consumer goods

From the editors: Canada's high prices have to stop

Why should we pay $145 for running shoes that cost $105 in the U.S.?

(Photo: David Paul Morris/Bloomberg via Getty Images)

Nobody likes feeling like a patsy. And if you pay $145 for a pair of running shoes when you could have gotten them for $105, you’re going to feel like a patsy. Even ignoring the financial impact of paying more for a pair of shoes, there’s a visceral mix of shame and anger that accompanies the sense that somebody’s taken advantage of you. So a recent BMO Capital Markets report suggesting Canadian retail prices are 14% higher than those in the United States should be a punch to the pride of the Canuck consumer. Somebody’s making fools of us—although none of the suspects will admit it.

Different Canadian and American price tags for the same items has been a roiling issue since an at-par loonie made blatant the pricing discrepancies. Finance Minister Jim Flaherty said last fall that consumers are “rightly irritated,” while Bank of Canada governor Mark Carney has corroborated the price gap is real and substantial. How substantial? Canadians pay 17% more for books, 32% extra for lawn mowers and 14% more for diapers, according to the recent BMO report. Want to buy your kid a T-shirt at the Gap? You’ll pay $4 more in Canada than the U.S. retail price of $24.95, even when the currency exchange rate is taken into account.

In the short term, Canadian stores may be pocketing more, but the long-term effect on the retail sector is negative, as shoppers will increasingly head south for bargains. Canadian cross-border shopping has already reached a two-decade high, while shopping trips to Canada by Americans are at a 40-year low. Canadians and Americans used to cross the border in a one-to-one ratio; there are now 2.7 Canadians going stateside for every Yankee coming the other way.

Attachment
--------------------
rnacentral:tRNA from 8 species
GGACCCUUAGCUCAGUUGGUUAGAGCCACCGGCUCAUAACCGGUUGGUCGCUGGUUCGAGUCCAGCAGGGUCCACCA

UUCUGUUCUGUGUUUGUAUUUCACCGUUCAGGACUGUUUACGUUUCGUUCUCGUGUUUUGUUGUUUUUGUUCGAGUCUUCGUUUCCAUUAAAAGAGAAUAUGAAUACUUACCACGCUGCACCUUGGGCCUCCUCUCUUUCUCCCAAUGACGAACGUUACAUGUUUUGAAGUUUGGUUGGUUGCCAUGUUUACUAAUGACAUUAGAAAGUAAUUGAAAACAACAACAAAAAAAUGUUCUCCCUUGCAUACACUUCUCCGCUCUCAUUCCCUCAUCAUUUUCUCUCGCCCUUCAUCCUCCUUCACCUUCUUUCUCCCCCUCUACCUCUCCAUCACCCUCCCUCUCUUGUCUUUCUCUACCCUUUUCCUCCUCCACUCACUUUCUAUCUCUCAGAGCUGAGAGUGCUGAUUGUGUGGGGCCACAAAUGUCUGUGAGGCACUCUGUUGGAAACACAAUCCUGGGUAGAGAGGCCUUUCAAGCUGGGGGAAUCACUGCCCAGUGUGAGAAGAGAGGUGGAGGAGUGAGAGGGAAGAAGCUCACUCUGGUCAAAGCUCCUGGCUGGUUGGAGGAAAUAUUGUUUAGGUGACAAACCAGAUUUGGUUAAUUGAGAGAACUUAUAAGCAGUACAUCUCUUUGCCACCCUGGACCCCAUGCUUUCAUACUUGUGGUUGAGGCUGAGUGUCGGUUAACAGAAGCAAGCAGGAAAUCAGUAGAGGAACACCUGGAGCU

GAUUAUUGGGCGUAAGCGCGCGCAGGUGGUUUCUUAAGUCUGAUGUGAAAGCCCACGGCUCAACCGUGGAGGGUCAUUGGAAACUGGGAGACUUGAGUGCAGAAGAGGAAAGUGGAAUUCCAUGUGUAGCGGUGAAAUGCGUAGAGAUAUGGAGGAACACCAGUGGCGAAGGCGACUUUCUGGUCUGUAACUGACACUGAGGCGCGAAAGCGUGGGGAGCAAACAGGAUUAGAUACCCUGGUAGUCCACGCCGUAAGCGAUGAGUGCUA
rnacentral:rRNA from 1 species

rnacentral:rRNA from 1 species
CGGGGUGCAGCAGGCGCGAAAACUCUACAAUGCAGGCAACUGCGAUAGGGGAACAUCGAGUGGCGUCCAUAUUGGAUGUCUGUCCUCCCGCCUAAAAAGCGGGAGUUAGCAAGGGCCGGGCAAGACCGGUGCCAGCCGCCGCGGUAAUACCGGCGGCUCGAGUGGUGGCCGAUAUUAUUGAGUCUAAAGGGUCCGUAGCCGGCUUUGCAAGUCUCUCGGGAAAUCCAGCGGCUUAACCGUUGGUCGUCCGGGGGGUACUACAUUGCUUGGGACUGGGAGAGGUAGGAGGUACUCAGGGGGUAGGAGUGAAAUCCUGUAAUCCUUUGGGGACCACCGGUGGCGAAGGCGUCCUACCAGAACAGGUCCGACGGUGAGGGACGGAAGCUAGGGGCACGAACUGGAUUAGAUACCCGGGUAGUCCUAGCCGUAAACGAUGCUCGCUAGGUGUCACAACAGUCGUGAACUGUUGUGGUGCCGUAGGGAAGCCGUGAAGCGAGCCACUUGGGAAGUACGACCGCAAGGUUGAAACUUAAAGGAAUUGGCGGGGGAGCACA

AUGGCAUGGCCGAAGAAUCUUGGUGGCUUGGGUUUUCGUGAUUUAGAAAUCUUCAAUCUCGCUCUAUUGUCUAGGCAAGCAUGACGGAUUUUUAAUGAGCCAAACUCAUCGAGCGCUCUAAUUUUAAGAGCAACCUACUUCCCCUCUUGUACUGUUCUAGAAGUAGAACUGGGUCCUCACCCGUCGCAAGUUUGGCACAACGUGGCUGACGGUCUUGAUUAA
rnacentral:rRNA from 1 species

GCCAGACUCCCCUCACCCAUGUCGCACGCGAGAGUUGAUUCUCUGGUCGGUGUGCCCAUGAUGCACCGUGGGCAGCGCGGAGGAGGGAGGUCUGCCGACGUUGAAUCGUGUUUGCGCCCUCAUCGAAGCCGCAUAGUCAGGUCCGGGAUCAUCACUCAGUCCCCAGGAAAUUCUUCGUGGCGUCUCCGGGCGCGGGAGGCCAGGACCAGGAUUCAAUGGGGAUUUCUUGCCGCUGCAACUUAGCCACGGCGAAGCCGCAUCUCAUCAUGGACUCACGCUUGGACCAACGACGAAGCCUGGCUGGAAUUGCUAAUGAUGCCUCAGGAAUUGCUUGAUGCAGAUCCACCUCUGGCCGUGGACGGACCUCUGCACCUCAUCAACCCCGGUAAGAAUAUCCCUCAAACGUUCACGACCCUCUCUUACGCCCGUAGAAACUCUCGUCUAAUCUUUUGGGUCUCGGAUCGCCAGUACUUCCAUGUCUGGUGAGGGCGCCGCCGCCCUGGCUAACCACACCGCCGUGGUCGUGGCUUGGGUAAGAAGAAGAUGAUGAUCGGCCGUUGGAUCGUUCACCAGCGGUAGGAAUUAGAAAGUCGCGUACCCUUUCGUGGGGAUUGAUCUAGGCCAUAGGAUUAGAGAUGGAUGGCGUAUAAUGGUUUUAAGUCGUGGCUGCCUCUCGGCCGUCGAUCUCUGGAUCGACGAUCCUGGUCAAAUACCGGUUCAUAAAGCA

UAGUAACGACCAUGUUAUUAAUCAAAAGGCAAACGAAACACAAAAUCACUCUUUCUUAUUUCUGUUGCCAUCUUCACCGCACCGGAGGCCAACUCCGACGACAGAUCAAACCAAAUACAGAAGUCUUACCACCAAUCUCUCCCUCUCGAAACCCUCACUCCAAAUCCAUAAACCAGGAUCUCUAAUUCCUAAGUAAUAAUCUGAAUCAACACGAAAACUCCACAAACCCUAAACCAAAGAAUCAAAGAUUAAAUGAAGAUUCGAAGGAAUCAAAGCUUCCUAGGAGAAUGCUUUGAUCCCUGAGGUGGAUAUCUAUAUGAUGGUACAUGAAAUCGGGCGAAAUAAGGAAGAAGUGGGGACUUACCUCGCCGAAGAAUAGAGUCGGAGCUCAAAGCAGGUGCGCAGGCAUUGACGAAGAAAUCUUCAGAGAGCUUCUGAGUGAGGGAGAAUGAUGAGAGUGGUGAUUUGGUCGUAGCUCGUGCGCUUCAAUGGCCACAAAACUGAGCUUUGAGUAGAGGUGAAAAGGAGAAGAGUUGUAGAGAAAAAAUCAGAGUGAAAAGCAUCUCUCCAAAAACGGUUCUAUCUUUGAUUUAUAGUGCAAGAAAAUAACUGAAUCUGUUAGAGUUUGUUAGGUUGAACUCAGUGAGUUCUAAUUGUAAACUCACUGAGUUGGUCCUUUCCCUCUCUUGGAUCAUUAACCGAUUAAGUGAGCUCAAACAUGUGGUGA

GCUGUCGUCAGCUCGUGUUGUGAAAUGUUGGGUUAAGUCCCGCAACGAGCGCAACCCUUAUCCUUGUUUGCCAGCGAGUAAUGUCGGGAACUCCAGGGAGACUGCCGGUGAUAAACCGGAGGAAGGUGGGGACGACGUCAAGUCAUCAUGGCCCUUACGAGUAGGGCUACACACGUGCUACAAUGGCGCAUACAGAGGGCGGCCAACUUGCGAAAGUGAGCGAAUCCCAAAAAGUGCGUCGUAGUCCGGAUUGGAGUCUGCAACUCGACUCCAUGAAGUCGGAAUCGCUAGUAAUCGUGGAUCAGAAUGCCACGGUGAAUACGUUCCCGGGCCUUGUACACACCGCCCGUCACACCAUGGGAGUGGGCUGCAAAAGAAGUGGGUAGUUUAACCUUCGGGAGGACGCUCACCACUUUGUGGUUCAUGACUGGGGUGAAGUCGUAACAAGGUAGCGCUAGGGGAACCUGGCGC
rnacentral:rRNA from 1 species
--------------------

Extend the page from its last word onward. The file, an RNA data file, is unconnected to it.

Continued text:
Retailers acknowledge the problem but insist they’re not causing it. Diane Brisebois, president of the Retail Council of Canada, recently told a Senate committee that multinational suppliers charge up to 50% more when dealing with stores in this country, saying Canada is a smaller market and a more expensive place to do business.

But to blame big, bad multinationals for the inflated prices is too easy an answer. Many Canadian retailers have failed to pass along to consumers the benefit they’ve garnered from a stronger loonie. And there’s far less competition in this country, meaning stores have less incentive to offer lower prices. The four top retailers in Canada control 28% of the marketplace, compared with just 12% in the United States.

If there’s any sign of hope for Canada, it looks like the Target logo. Target’s arrival next year, alongside others like Nordstrom and Marshalls, could provide more incentive for existing chains to lower prices.

The government also must help close the price gap by eliminating antiquated tariffs. A retailer attempting to import hockey skates pays 18% duty in Canada but faces no duty in the United States.

Finally, consumers need to stop being patsies. When J. Crew opened its Canadian retail operation and website, fans noticed the final prices were sometimes 50% higher than in the U.S., once taxes and duties were added in. People complained they shouldn’t need to pay duty on a domestic purchase, the charge was dropped and prices went down. Sometimes “Buyer Beware” isn’t sufficient advice. Buyers must be loud as well.